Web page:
Kanchenjunga is the third highest peak of the world, the queen of the mountains. Towering to an altitude of 8586 meters, Mt. Kanchenjunga is comparatively a less visited mountain despite the fact that it Is one of the tallest mountains in the world. One very good reason behind this is because of the less and difficult trails to the mountain.
There are altogether four climbing routes to reach the summit where the three begins from Nepal while the other from northeastern Sikkim, India, which has been banned by the government of India since 2000 declaring it a restricted area.
Located at the far eastern side of Nepal, Mt. Kanchenjunga was first ascent by British Climbers in May 25, 1955 although the trail for kanchenjunga trekking was officially opened for expeditions and trekking later in 1988. The mysterious mythical creature, the Abominable Snowman (Yeti) is believed to inhabit in this mountain region of Nepal.
Kanchenjunga trekking is one of its kinds because of the unique landscape and culture prevailing in the region. Trekkers mostly enjoy watching the amazing natural sceneries and exceptional wildlife including those that are listed as world’s endangered; Snow Leopard, Red Panda, Musk Deer and Himalayan Black Bear. Kanchenjunga Conservation covering 2,035 sq km provides shelter to these endangered animals and a lot of bird species.
The journey begins after a flight from the capital city, Kathmandu to Suketar, Taplejung at the eastern part of Nepal. You will be trekking both up and down during the whole journey.
The first stop after Suketar will be Lalikharka at 2,265 m; however, from here you have to trek down to reach Mamankhe (1,785 m) passing through another village, Khesewa. Once reached Mamankhe, trek upwards to Yamphudin (2,995m) from where it’s mostly a long trek covering distance of almost one thousand meters in a day. From Yamphudin to Tortong is a total of 915 meters long trek uphill. At 3,870 m above sea level in Cheram, you can take rest and get acclimatized.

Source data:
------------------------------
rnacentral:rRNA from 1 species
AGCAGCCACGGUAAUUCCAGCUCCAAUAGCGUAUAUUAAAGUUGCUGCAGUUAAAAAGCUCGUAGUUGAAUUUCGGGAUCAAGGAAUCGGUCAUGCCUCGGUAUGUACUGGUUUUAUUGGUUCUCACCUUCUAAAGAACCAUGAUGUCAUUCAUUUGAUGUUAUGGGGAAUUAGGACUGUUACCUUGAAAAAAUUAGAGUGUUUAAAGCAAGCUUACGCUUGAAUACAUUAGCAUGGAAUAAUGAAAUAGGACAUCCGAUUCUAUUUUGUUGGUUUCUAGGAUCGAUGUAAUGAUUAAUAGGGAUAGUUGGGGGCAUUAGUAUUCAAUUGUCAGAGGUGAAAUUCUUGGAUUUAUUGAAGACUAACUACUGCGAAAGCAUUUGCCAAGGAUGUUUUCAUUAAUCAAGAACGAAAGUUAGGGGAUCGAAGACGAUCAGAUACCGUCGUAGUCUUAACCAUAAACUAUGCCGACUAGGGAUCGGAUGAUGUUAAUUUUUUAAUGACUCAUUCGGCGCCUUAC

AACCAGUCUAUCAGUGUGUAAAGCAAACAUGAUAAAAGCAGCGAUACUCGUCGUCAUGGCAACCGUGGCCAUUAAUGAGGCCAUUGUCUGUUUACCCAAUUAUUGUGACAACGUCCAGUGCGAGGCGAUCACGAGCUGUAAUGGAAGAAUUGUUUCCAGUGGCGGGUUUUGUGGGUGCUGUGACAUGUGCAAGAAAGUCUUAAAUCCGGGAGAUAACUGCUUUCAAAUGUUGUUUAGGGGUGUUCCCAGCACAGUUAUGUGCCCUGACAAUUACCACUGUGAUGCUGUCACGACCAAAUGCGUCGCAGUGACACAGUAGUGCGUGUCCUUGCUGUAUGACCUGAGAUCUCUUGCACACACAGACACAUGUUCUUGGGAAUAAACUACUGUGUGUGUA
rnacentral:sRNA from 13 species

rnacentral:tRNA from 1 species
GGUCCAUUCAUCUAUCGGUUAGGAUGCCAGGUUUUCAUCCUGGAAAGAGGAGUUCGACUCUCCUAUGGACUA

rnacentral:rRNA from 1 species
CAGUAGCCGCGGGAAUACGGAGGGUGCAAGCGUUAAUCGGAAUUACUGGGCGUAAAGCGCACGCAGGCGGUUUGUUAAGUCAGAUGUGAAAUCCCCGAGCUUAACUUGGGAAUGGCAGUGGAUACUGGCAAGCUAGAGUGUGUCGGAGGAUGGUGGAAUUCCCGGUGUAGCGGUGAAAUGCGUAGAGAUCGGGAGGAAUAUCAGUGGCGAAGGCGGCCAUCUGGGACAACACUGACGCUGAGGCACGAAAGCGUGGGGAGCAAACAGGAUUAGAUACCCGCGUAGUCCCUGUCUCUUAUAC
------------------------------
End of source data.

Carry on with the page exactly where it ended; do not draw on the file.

Lodging and stay here in Kanchenjunga is good for any number of trekkers. You can either choose to stay at a hotel or at local residents. The next day, it’s again hiking uphill. This time directly to Ramche at the elevation of 4,580 meters and then again eighty meter down at Yalung Base Camp. Move back to Cheram and head to the Kanchnejunga Base Camp past Sele La to Ghunsa to Kambachen to Lhonak and finally to Kanchenjunga Base Camp located in Pangpema which is 5,143 meters above sea level. On the sixteenth day, you will reach at the camp. It all depends whether you want to return back from here or wish to continue ahead and climb the Kanchenjunga summit.
There is no such thing as a right time to go for Kanchenjunga trekking. Trek is possible throughout the year except during the winter in January. Kanchenjunga features great valleys surrounded by white snowcapped mountains just like in the fairytales. In case it is your first decision to hike above the mountains, there is no need to worry since you will be given sufficient training and instructions before even starting the expedition.
Itinerary information of Mt. Kanchenjunga trekking.
Day 01: Land in Kathmandu
Day 02: Free and arrangement day
Day 03: Flight to Bhadrapur
Day 04: Drive to Taplejung (1,820m)
Day 05: Trek to Chirwa (1,270m)
Day 06: Trek to Amjlosa (2,520m)
Day 07: Trek to Gyabla (2,730m)
Day 08: Trek to Ghunsa (3,595m)
Day 09: Acclimatization day at Ghunsa
Day 10: Trek to Kambachen (4,050m)
Day 11: Trek to Lhonak (4,780m)
Day 12: Hike to Pangpema (5,065m)
Day 13: Exploring Pangpema area
Day 14: Trek back to Ghunsa
Day 15: Trek to Sele le (4,290m)
Day 16: Trek Sele la, Sinion La Pass, Mirgin La Pass, Sinelapcha La Pass and Tseram (3,870m).
Day 17: Hike to Oktang Base Camp
Day 18: Trek to Torangden (2,995m)
Day 19: Trek to Yamphudin (2,080m)
Day 20: Trek down to Khebang (1,910m)
Day 21: Trek to Khandembe (1,420m).
Day 22: Drive to Bhadrapur by bus ( 8 -9 HRS)
Day 23: Fly to Kathmandu